So what’s a good open rate and click through rate? Well, again, I do some research and it appears there is a lot of variation by industry. For example, MailChimp provides this information about different open and click through rates depending on industry (I prefer to use Aweber for building my list, but I imagine the numbers are fairly similar). In general, it looks like open rate of about 15-20% is pretty standard. Mine currently is around 35-40%, which is fairly good according to these numbers.
In terms of click rate, according to MailChimp’s numbers, click through rates tend to be around 3-4%. Currently, my click through rate is averaging around 10%. However, I’m seeing a lot of differences between the open and click through rates depending on the genre of the book as well. Romance ebooks, for example, are getting a much higher click through rate than most non-fiction books. Paying attention to these numbers will be important as I try to better target my newsletter subscribers.
I am also starting to get my first visitors from organic searches (non paid searches) on Google, Bing and Yahoo, for random longtail keywords. The site isn’t ranking for any main ebook related keywords as far as I can tell. I’m not targeting organic search engine traffic with this site right now, but I will pay attention to this over the next few months and let you all know if this changes at any point.
One thing I neglected to mention when I started the site (which someone on a forum correctly mentioned I should mention here), is that my site is built on a previously owned “aged domain”. I purchase the domain as an expired domain, and it is actually five years old (PR=0). Right now, nearly all sites I purchase when setting up a new site are aged, and I’ve even written a book outlining how I go about purchasing expired domains. Given the age of the site, I would have hoped that I would be getting more organic search engine traffic by this time, but it doesn’t seem to help. In fact, the domain name might actually have been poorly chosen since although it may be cute and catchy, it also appears to be treated as “mature” content by some search engines since it uses the term “addict” in its URL. So there’s a lesson learned!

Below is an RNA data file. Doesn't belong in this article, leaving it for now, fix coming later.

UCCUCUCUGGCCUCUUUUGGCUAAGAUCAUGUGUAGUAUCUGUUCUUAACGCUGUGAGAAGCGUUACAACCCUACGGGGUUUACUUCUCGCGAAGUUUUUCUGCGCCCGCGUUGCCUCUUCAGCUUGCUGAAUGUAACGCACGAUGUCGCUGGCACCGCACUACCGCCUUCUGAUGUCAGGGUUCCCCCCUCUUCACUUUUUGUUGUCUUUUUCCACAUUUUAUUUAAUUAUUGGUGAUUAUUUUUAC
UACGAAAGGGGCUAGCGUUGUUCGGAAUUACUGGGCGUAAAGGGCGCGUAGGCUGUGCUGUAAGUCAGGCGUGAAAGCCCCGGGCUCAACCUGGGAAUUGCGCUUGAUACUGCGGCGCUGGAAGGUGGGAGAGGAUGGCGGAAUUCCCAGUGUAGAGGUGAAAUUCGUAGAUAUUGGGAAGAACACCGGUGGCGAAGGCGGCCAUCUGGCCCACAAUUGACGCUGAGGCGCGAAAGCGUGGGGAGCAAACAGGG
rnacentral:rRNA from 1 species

Running only Facebook ads hasn’t impacted my overall traffic numbers to severely. My visitor numbers were skewed slightly on Monday and Tuesday, since I had a lot more refers from this blog and an internet marketing forum I participate in. However, if I eliminate those two days from my calculations, I find that my overall number of unique visitors a day is down slightly, while my number of returning visitors is up quite a bit.
This week: 101 unique visitors a day on average/42 returning visitors a day on average
Last week: 106 unique visitors a day on average/25 returning visitors a day on average
Earnings was a bit of a disappointment this week. Although I’m getting approximately the same number of affiliate clicks, there were few purchases this week. This is a number I will be following closely. It may be that at some point I will be able to predict how much a “follower” or newsletter subscriber is worth based on this information.
I had no paid author submissions this week.
This week’s Amazon earnings=$6.71. Clicks = 513; Items order=18; Items shipped=15
Last week: Amazon earnings = $7.26. Clicks = 562; Items ordered=12; Items shipped=10
Total weekly earning = $6.71 (this worst week yet, since I started this project).
One thing I am wondering about, is whether Google AdWords visitors are more likely to purchase items versus Facebook followers. It will be interesting to see what the numbers are for next week!